Read Worthless Remains Online

Authors: Peter Helton

Worthless Remains (10 page)

‘What's happening?' Cy demanded.

‘No idea, I've never seen anything like it. And it doesn't sound at all happy.'

‘Can you fix it?' Cy asked.

‘I doubt it,' Dan admitted.

‘Useless,' Guy hissed.

Dan went on the defensive. ‘I'm not a mechanic, Guy. I'm a field archaeologist who happens to have a digger licence. I can do basic maintenance but I don't do repairs.'

Guy looked disgusted. ‘If you had done basic maintenance this probably wouldn't have happened.'

Cy pointed. ‘Guy? Shut up. Dan? Get a mechanic out here.'

Emms clapped her hands for attention. ‘Right, listen up! The mini digger is out of action and we don't know how long it'll be before it's repaired or we can find a replacement, so it's good old shovel power now. We can't just sit on our hands. Besides, it makes good telly.' An ironic cheer from the diggers, with trowels raised in salute.

Cy turned to Emms. ‘Makes good telly for about thirty seconds and takes forever.' To Paul he said: ‘Try and squeeze some excitement out of that. I don't suppose you got a shot of the smoke?'

Paul turned his back on him to reposition his camera. ‘Of course I did, what do you take me for?'

Guy slouched past me towards the house. ‘It's a bad omen, that. That digger never goes wrong. One-week special? It'll be a three-week special at this rate. I need more coffee or something . . .' His voice trailed off.

‘Honeysett? A word.' Cy waved me aside and Emms joined us away from the trenches where Andrea was now measuring out the dimensions of the new trench.

Cy was about to open his mouth but Emms laid a calming hand on his arm and he subsided. She threw a glance towards the house where Guy was just crossing the terrace. ‘I'm not sure how else to put it but I think Guy is falling apart on us.'

‘Someone is trying to scare him; he's just worried,' I suggested.

‘He went completely hysterical over a childish drawing! You weren't there; he was shaking all over and howling. Anyway, we need Guy to be calm and able to work. It's bad enough that half of the time he's working through a monumental hangover. But he really has gone downhill recently.'

‘He has been quite impossible for the last three episodes,' Cy said, hugging a clipboard to himself.

‘Yes, and he's getting quite irrational. First he said he wouldn't stay here another night, then he changed his mind and said he wouldn't feel safe anywhere else. The long and the short of it is, Guy wants you to stay at Tarmford Hall at night as long as we're filming here.'

‘Would he like me to sleep on a blanket outside his door or will I be allowed to curl up at the foot of his bed?'

‘I know it's an imposition. We've already spoken to Mark and he's found you a lovely room. Just be here, that's all we ask. That's all he wants. It would reassure him immensely knowing that you're around. He trusts you.'

‘This is turning into a twenty-four-hour job – that's not what I signed up for.'

‘Actually you have,' Cy said with too much glee for my taste. ‘I sent you a copy of your contract, it's all in there.'

I knew I should have read the damn thing. ‘What else is in that contract? Am I supposed to hand wash his smalls? I can't be a twenty-four-hour guard dog. I do have other things to do and was hoping to have a private life as well.'

This time it was me who was being treated to Emms' calming touch. ‘But naturally you'll be able to take time off during the day for your personal affairs. Just help Guy to get through this week, make him feel safe and looked after.'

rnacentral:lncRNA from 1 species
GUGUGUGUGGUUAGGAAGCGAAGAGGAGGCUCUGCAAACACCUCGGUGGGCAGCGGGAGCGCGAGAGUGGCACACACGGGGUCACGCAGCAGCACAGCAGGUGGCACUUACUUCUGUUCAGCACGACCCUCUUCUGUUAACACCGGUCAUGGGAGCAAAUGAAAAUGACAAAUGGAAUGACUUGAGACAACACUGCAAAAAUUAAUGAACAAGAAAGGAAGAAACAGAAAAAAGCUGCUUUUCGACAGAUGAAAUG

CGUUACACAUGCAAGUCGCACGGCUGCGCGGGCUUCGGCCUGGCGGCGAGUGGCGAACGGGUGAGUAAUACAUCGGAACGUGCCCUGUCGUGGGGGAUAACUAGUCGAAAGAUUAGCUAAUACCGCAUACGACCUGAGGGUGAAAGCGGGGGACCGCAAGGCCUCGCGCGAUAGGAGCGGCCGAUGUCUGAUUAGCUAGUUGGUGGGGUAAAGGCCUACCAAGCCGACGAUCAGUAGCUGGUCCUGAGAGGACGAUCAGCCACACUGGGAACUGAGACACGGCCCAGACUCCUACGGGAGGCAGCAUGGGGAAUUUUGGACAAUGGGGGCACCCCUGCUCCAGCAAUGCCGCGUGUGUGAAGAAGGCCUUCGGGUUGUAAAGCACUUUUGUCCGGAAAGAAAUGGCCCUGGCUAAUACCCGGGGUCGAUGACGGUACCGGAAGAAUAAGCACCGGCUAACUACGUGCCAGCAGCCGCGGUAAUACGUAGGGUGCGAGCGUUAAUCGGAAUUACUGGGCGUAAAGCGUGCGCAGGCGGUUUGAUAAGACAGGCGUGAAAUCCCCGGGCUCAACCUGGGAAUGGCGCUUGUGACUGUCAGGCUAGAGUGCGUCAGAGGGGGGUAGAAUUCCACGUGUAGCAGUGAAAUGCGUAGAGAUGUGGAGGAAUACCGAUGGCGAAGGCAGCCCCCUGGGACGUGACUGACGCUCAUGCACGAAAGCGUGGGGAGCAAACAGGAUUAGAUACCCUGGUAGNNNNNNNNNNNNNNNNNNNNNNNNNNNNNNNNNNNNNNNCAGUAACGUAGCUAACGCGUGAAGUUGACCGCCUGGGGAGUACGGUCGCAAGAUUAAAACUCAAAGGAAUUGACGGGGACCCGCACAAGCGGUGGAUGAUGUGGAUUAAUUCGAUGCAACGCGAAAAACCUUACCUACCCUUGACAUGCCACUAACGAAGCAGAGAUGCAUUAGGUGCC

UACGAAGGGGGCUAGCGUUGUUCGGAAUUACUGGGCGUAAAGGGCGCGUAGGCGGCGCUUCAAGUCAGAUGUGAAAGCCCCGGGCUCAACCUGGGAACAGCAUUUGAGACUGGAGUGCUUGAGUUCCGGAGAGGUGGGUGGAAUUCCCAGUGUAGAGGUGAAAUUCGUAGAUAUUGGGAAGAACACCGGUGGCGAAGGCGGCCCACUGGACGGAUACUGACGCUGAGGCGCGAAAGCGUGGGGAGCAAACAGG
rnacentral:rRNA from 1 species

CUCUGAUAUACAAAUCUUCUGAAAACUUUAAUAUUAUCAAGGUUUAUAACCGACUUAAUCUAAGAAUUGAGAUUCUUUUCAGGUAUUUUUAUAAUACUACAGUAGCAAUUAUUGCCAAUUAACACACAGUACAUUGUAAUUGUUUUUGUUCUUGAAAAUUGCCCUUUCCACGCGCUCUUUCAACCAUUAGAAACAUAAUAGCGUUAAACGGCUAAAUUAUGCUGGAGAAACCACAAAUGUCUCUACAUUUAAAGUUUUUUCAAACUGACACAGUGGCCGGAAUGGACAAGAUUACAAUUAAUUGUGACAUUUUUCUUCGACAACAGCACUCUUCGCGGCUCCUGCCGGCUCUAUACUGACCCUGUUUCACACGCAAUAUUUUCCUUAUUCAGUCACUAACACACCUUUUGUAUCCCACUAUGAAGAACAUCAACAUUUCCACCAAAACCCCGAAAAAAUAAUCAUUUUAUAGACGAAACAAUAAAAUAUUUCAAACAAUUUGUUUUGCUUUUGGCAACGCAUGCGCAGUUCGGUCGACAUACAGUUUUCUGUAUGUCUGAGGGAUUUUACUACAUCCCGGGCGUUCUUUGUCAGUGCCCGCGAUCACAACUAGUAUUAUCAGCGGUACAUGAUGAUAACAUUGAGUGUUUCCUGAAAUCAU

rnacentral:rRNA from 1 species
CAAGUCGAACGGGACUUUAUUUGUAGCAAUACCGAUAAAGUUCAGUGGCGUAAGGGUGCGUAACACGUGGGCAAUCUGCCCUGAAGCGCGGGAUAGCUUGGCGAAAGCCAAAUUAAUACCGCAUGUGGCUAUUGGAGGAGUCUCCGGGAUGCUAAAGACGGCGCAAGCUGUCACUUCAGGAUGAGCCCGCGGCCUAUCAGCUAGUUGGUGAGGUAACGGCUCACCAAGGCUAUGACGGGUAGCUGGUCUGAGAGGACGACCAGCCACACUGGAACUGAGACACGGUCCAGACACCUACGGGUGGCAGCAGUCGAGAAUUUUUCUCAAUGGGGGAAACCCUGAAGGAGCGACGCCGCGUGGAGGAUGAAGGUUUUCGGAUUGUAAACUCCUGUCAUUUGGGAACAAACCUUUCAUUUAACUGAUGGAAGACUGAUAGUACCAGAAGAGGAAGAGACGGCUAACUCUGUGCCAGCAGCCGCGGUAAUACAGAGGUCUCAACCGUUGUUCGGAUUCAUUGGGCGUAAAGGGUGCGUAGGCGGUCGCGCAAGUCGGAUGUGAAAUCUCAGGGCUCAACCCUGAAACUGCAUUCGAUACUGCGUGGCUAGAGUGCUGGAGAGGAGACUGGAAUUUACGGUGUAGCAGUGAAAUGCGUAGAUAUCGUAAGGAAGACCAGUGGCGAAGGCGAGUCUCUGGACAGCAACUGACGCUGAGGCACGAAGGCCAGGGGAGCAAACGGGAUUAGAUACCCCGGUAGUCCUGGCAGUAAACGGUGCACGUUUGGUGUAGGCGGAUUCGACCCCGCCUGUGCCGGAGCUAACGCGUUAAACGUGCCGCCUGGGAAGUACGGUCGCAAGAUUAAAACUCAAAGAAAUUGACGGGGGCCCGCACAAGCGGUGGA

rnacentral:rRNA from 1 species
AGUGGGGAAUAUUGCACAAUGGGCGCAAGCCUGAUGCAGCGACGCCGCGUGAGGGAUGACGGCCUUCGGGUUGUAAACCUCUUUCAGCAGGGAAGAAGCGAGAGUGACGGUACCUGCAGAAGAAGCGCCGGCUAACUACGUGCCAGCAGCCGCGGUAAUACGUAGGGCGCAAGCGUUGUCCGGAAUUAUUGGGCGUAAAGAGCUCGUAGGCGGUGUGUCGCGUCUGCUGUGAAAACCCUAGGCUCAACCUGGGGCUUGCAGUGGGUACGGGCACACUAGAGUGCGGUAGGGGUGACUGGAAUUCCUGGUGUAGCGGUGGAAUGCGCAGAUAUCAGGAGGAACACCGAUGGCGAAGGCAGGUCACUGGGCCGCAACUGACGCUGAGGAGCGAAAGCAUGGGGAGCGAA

‘And try and get him to take more water with it,' Cy said. ‘I'm sure his drinking has got worse. Why we are lumbering the show with an ageing soak like him is beyond me. Anyway, you won't be needed for a bit while we sort out this bloody digger so perhaps now is a good time to get your jim-jams or whatever.' Cy walked off.

‘I know it's quite an ask. And we had hoped it wouldn't come to this, but . . .' Emms squinted at the house and let out a long breath. ‘Guy has always been one of those actors who subscribe to every silly superstition going and he brings his own bag of problems too. He sleeps with a nightlight on, you know. Scared of the dark. Scared of this, scared of that. He's always been a gloomy sod but recently he's become, I don't know, a bit paranoid, if you ask me. You can see it in the way he looks at people. Do try and perk him up a bit. He trusts you because you're not one of us.'

Did I have a choice? Apparently not. Annis had it right from the outset – I was a babysitter to the star of
Time Lines
, a star that from this angle looked like it might be on the wane. Off I went in search of Stoneking who according to Emms had ‘found a room' for me. Nice to have a few lying about in case of emergency.

The drawing room was deserted, so was the dining room. I hesitated in the lower gallery, for a moment wondering where to try next, when I saw a movement in the corner of my eye. There at the shadowy north end of the gallery stood an old woman, motionless. Looking straight at me. Her white hair was held in a French plait and she was dressed in black. She was holding a broom, not the witchy kind but an ordinary one with a green plastic handle. I was about to walk towards her when I heard footsteps coming down the stair behind me. It was Carla, carrying a bulging laundry bag. When I looked back down the gallery the old lady had gone.

Naturally.

‘Carla, I'm going to stay here too from tonight. I'm told there's a room for me somewhere?'

‘Mark told me, I've just got it ready for you. Do you want me to show you?' She dumped the linen bag at the bottom of the stair and led the way up to the height of the upper gallery where she opened an unobtrusive door in the wood panelling. It revealed another, much narrower and ill-lit staircase with much-worn wooden treads. ‘It's a bit of a climb, I'm afraid.'

‘Servants' quarters?' I was beginning to feel just a tiny bit miffed. ‘They must have been quite fit in those days.'

Carla briefly paused on the stairs so she could give me a well-timed look for emphasis. ‘They still are.'

‘I saw an old lady with a broom earlier; don't tell me she climbs these stairs.'

‘No, I'm the only madwoman in the attic.'

‘So who was it I saw earlier?'

‘Old woman? No idea, you must have imagined it.'

‘I quite clearly saw—'

Carla snorted with pleasure. ‘I'm only kidding. That was Mrs Cunningham. Olive to her very few friends.'

‘Not a ghost, then, I
am
relieved.'

‘Not Olive. Quite solid, in fact. But the place is definitely haunted. You'll find out if you stay here. The Cunninghams owned the Hall until she was forced to sell it. But she retains the right to live out her life in the granny flat in the north wing, right next to the pool.'

Pool. Of course there was. There would be a helicopter pad somewhere. ‘She was staring at me.'